You never know how much something weighs on your heart until a room full of very curious children pries it open. Today children at my Temple's religious school were asking me questions about what it is like converting from being a Christian to being a Jew in their community. They had such wonderful, insightful questions about my journey. They had questions about the mikveh, about the Beit Din and about what happens next. What happened next surprised us all, I think. 

Somehow we came upon the topic of how many times people born Jewish ask me kind of personal questions because I am a convert that they would not ask of someone who was born Jewish. While I am completely not ashamed of being a convert, sometimes the questions can feel a little intrusive. Sometimes, I ask the same questions of the person who questioned me just to see if they have a response too. I'm not trying to be rude, I just want to explore their Jewish journey too. I asked the children what is the most important part about being Jewish is to them to see what their on the spot answers are.

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Sometimes I do think the most uncomfortable thing for me is being asked to define very clearly for the personal parts of my journey that people born Jewish may not be asked to define. Like why did I choose Judaism from of all the religions in the world? I would counter: why do people born Jewish continue to be Jewish in a world where they are born into a minority that is persecuted in many places? Another question I am asked often is: what is the most significant ritual to you? I think this is a valid question of all Jews and can be a great way to connect Jews to places they can serve in their community. A further question converts are asked a lot: what area of Jewish theology resonates the most with you? Likewise: which area do you need to learn more about? Asking these questions of all Jews can be a way of letting teachers and rabbis know of areas in which they can set up seminars or lessons that would be of interest to the community.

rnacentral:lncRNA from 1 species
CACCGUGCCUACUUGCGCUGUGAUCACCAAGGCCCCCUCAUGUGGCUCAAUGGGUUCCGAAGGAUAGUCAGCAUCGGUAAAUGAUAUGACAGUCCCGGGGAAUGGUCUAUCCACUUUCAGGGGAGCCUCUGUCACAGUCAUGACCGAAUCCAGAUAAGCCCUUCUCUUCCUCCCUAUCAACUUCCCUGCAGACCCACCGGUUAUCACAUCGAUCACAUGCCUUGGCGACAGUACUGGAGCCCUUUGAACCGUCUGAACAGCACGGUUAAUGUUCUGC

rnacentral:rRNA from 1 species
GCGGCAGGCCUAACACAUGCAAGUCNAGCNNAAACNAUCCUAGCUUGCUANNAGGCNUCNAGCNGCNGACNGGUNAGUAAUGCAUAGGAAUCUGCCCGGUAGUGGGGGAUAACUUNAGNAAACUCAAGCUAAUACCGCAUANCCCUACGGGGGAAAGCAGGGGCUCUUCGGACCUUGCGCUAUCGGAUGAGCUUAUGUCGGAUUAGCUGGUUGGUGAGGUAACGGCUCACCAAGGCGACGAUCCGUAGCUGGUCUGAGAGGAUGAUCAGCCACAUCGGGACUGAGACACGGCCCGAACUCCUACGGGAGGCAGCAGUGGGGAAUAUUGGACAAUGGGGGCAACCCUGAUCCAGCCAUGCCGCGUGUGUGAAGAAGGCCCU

I think that it is important that questions be asked of all Jews all the time, we should be continually internally evaluating ourselves to see where we are and seeing if there are signs of growth in our lives. As Jewish communities, it is important to ask questions to see where we are at as a group to see if we are all together meeting our goals and have common values. 

And as the title promised, children and readers, I need to apologize. What the conversion process has given me, what my Rabbi has given me, is the most precious gift in the world. It is definition, is clarity and it is the safety harness that allows me to reach new heights in Judaism without fears of slipping and falling. The conversion process gave me the safety to explore the hard and difficult questions of the soul while a Rabbi walked with me and held a flashlight to explore the dark and uneasy places of the heart. Without this conversion process and the Jewish Discovery Institute's Pathways to Judaism class, I would not have the spiritual security and foundation that I now have to enjoy and build upon.  Without my Reform Rabbi by my side and our weekly meetings to discuss questions and theology, I would not be as comfortable moving through prayers and the Torah as I am today. All this time I have been taking for granted the very thing that has given me the security to be the Jew that I am today. 

As a Jew I will no longer take for granted the blessings I have been given through my experiences and through the experiences of others. I will value my accomplishments in having done the hard soul work and continue that work. I will see the questions I am asked not as intrusive but as reminders to continue to evaluate my answers as I continue to grow as a Jew. I will ask myself questions about my place in my community and look for opportunities to grow. I will not take for granted where I have been or where I am going. 

Where I am going is just as important as where I have been. And so we come to the second part of this post: the promise. As a Jew and a convert, I promise not to take for granted where I am going. I am going great places! I just am breaking in these new shoes that I got in October and cannot wait to see where these shoes take me. As I ask myself questions, as others ask questions of me, as G-d asks questions of me - I will continue to grow spiritually. I will continue to blossom in my community as they continue to blossom around me. I will not take my community for granted- or the questions they ask. I cannot wait to see where we go!

And most of all, I will not take the questions and class time with children for granted and I look forward to further discussions!
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